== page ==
Add UI animations to your site

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Most people see user interfaces daily, whether it's inside a mobile app or on a website, so it's important to get it right when creating them, and if you can enliven them with some CSS animation, all the better. 

While building for the web, particularly when it comes to animation, you have to consider things like browser support and performance. In this tutorial, we're going to walk you through two of the best solutions for creating UI animations and transitions.

We will be using a combination of CSS and GreenSock (GSAP). We are all aware of CSS but some of you may not be aware of the GreenSock platform. GreenSock is a JavaScript framework that enables you to easily create stunning animations with HTML elements using just a few lines of code.

Images and logos have particularly stood out a lot more over the last few years. How often do we use emojis rather than text? Mobile navigations seem to use icons rather than text and over time users come to know where each will take us. We are going to start by creating an animated navigation bar just using logos. When you hover over each one, it will animate to the final state, which will look similar to this screenshot.

UI animations: icons

We have the six navigation icons and one of them shows off what the hover state will look like once the animation is completed

Build the navigation

First of all, we will create a new index.html file and set up our navigation area along with six links. Each link will be made up of an icon taken from Ionicons. We will need to assign a class to each.

<div class = “navigationbar">
<a href="#" class="navlogo ion-ios-star-outline"></a>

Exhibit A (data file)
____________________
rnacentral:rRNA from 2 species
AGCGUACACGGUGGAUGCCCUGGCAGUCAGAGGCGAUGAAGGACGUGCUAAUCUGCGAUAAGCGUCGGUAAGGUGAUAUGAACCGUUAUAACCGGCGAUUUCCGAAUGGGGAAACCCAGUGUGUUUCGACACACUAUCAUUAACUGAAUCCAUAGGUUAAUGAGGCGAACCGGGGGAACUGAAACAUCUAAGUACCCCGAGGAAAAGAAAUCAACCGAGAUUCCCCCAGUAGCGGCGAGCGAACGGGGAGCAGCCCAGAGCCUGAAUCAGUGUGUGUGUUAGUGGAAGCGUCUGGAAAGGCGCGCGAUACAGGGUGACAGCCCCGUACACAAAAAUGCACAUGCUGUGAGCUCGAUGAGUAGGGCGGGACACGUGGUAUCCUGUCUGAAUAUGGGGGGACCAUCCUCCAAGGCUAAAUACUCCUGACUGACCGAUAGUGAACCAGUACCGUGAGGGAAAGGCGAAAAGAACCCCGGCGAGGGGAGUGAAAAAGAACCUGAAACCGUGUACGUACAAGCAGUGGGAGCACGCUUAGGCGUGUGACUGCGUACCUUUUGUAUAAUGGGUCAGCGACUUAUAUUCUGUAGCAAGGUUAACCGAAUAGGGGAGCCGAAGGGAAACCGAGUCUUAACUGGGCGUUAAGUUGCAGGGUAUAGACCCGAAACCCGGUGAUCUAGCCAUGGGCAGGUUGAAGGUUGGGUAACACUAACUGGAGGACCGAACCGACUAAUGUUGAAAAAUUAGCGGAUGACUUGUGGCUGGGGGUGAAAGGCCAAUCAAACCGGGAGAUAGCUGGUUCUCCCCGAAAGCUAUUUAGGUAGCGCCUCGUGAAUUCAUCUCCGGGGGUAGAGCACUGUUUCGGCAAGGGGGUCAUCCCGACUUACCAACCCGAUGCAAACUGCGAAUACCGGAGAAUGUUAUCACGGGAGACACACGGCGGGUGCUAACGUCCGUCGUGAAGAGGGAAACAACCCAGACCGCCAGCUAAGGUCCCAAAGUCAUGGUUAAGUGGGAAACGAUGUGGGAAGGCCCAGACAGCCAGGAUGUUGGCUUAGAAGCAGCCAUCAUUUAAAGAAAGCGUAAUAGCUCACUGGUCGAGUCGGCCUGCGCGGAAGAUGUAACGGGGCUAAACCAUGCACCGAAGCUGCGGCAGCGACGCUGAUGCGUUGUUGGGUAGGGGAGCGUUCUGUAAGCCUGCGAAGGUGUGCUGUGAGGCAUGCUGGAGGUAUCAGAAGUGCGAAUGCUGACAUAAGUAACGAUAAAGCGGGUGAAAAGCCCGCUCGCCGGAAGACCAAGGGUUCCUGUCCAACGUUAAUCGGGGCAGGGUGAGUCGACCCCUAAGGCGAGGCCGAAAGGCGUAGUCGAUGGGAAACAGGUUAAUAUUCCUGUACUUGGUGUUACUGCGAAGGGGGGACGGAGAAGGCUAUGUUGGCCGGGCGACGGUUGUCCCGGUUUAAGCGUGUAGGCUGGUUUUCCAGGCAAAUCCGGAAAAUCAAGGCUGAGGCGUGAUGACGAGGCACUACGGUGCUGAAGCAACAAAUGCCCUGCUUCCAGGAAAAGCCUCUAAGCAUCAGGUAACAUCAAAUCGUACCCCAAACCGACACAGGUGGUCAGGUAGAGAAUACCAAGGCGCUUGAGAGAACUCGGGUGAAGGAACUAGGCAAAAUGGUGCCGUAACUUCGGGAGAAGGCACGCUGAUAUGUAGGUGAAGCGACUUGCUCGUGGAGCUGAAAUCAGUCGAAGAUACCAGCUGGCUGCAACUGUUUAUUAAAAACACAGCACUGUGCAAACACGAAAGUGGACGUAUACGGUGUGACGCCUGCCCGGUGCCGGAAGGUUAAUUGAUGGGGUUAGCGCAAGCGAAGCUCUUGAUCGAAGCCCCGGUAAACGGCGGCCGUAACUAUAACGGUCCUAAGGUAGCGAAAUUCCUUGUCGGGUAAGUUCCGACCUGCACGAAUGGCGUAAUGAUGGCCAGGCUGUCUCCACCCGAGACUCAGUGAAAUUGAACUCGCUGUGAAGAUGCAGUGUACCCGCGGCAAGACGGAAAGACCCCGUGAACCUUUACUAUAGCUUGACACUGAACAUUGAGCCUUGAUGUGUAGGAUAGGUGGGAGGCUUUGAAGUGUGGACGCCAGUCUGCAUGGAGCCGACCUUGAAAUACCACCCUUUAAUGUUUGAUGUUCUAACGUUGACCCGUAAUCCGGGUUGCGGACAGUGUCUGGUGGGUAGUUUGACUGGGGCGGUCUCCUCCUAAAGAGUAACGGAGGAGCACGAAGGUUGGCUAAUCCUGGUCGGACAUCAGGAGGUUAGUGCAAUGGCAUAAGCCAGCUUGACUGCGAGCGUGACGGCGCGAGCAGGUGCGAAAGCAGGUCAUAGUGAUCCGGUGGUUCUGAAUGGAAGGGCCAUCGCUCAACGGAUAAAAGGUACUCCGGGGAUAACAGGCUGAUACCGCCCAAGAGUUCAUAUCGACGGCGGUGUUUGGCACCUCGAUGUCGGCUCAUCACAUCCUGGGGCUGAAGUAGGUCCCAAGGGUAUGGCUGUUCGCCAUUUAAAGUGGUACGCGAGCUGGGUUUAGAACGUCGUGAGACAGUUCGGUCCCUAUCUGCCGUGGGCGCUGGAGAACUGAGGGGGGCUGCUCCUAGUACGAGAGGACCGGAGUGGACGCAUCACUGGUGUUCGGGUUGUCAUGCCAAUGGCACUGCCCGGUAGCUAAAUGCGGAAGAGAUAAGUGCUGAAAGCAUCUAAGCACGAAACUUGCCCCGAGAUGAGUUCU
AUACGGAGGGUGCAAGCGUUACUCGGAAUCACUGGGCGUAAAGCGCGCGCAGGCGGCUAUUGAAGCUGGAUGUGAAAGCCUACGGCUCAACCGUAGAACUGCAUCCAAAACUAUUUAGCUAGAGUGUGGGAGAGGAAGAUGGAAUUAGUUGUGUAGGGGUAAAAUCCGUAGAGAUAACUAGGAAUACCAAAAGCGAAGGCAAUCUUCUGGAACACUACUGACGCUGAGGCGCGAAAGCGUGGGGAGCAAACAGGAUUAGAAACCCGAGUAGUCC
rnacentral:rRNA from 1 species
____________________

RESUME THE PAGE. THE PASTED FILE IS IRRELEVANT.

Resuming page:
<a href="#" class="navlogo ion-ios-list-outline"></a>
<a href="#" class="navlogo ion-ios-chatboxes-outline"></a>
<a href="#" class="navlogo ion-ios-home-outline"></a>
<a href="#" class="navlogo ion-ios-pie-outline"></a>
<a href="#" class="navlogo ion-ios-gear-outline"></a>
</div>

We won't be covering the full HTML or CSS document in detail but you can get the full code listing from GitHub.

Next, we will need to create a CSS file that's called style.css and then insert the following line of code to import Ionicons:

@import url(https://code.ionicframework.com/ionicons/2.0.1/css/ionicons.min.css);

We will now set up the class navlogo for our navigation images inside the stylesheet. Here we will set up the position, height, font size etc.

.navlogo {
  position: relative;
  font-size: 40px;
  width: 75px;
  margin: 40px;
  height: 75px;
  line-height: 75px;
  display: inline-block;
  color: #fff;
}

.navlogo:after {
  position: absolute;
  top: 0;
  bottom: 0;
  left: 0;
  right: 0;
  border: 2px solid #e6e6e6;
  content: '';
  z-index: -1;
  border-radius: 50%;
}

Next, we need to set up the animation for our .navlogo element. Here we will create the rotation and transition effects, as well as changing the element colour on hover.

.navlogo:before,
.navlogo:after {
  -webkit-transition: all 0.45s ease-in-out;
  transition: all 0.45s ease-in-out;
}
.navlogo:hover,
.navlogo:active,
.navlogo.hover {
  color: #c0392b;
}
.navlogo:hover:after,
.navlogo:active:after,
.navlogo.hover:after {
  border-color: transparent #c0392b;
  -webkit-transform: rotate(360deg);
  transform: rotate(360deg);
}

Finally, we will need to add an event that removes the hover class when the mouse is no longer hovering over our logos. This is to make sure that our logo comes out of its animation. Create a new JavaScript file called main.js and then enter the following code: